The Jansenist reliance on miraculous cures became even more pronounced after the Papal Bull Unigenitus in 1713. Several tombs belonging to appellants, those who appealed the Bull to a general council, witnessed miraculous cures. Yet the most famous example of Jansenist miracles were the frenzied cures of the convulsionnaires, a phenomenon that began in 1727. In that year, the Deacon François de Pâris died in the Parisian parish of Saint-Médard. Known for his asceticism and his staunch adherence to Jansenist principles, the Deacon’s tomb soon became a pilgrimage sight complete with ostensibly miraculous cures. As Angela Haas has noted, “there were hundreds of people from all walks of life who testified to these supernatural events.” Only a year after the Deacon’s death, Cardinal Noailles investigated five of the miracles and consequently beatified François de Pâris. Yet this ecclesiastical approval would prove to be short-lived. Noailles was succeeded as Archbishop of Paris by a more ultramontane figure, Charles-Gaspard-Guillaume de Vintimille de Luc. Vintimille argued that the cures could not possibly be miracles, as God would not work through Jansenist bones. To quote John McManners, “Evidence was irrelevant: dead or alive, an appellant cannot work miracles.” The Archbishop hired doctors to dispute the reports of miracles, and Jesuits gladly aided in debunking the convulsionnaires’ experiences.
Attempting to ascertain the validity of these miracles today is probably a futile exercise. What they tell us, however, is that the Jansenists adhered to a manifestly sacramental worldview. Their understanding of matter (specifically the human body) as a vehicle of healing grace is no more Calvinist than the blessed Ignatius-water used by Jesuit missionaries. Yet the longstanding, polemically-motivated view of these popular Jansenists as heretical “enthusiasts” has obscured their Catholicity.
Martyrs, Exiles, and Pilgrims
Ultramontane narratives of proud heretics obstinately refusing to obey their superiors are crassly simplistic. They also erase the fact that the Jansenists acutely felt their own exclusion on both the individual and collective levels. The crisis of conscience that gripped the nuns of Port-Royal, especially Jacqueline Pascal, would characterize much of the later Jansenist cause as well. Their writings on the conscience’s obedience to authorities and to the Truth are pertinent even today. Yet most of the harshest divisions that sparked these meditations died down from 1669, albeit never truly disappearing, during a more than 30 year period known as the “Peace of Clement IX.” Two events towards the end of Louis XIV’s reign definitively disrupted that peace. The first was the dispersal of Port-Royal’s remaining nuns in 1709 and the monastery’s subsequent destruction by royal agents in 1711. The nuns, the male “solitaires” who once lived on their grounds, and their various domestics all became popular “martyrs of truth and Christian sincerity” in the eyes of Jansenist sympathizers. Necrologies were even published to that effect.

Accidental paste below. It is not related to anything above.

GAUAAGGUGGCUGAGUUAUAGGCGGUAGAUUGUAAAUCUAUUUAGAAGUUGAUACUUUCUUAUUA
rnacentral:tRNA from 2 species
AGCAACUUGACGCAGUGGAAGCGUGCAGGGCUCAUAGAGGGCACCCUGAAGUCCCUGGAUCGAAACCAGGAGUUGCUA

What really ruptured the peace, though, was the Papal Bull Unigenitus (1713). Targeting Pasquier Quesnel’s popular devotional work, Moral Reflections on the New Testament, Clement XI anathematized in globo 101 propositions the book allegedly contained. Shaun Blanchard has illustrated why the Bull caused such a huge backlash of anger and confusion. Many of the propositions seemed not only pious, but straightforwardly true. Unigenitus sent shockwaves through the Church, and those tremors were felt nowhere more acutely than in France. Four bishops issued a formal appeal of the Bull to a General Council. Others joined them, including the Cardinal Archbishop of Paris. For his part, Clement XI refused to clarify the heretical sense of the 101 propositions in Unigenitus. Instead, he moved in tandem with the French crown to isolate and punish the dissidents. One of the leading “appellant” bishops, the octogenarian Jean Soanen of Senez, was summoned to a local synod where ultramontane bishops deprived him of his see and sentenced him to a life of penance at the Abbey of Chaise-Dieu—an event the Jansenists attributed to malign Jesuit influence.
These attitudes were not confined to the episcopate. Unigenitus inflamed popular sympathy for the Jansenist cause. The Nouvelles ecclésiastiques, a Jansenist weekly, circulated in samizdat. It traded in fierce anti-Jesuit, anti-Papal, and (increasingly) anti-regal diatribes and told lurid stories of oppressed Jansenists. It also incorporated figurism, a Jansenist exegesis of Biblical prophecy and ecclesiastical history. Under the figurist lens, scriptural references to a “faithful remnant” of the “True Israel” in “exile” became predictions of Jansenists afflicted by powerful apostates hell-bent on suppressing the Truth. Unigenitus became “the abomination of desolation in the holy place” mentioned in the Book of Daniel—rhetoric which has resurfaced recently in the Catholic blogosphere.
Another popular response to the condemnation of Jansenism was the publication in 1767 of a pilgrimage manual centered on Port-Royal-des-Champs. Written by the Abbé Jean-Antoine Gazaignes and with a title-page bearing the publication site of “Au Désert,” the manual contains a full office (including Matins readings) for commemoration of “the Holy Relics” of Port-Royal. Space is as important as actual relics in this case, for Gazaignes considers the ruins of the abbey to be a channel and stage of grace. The collect reads: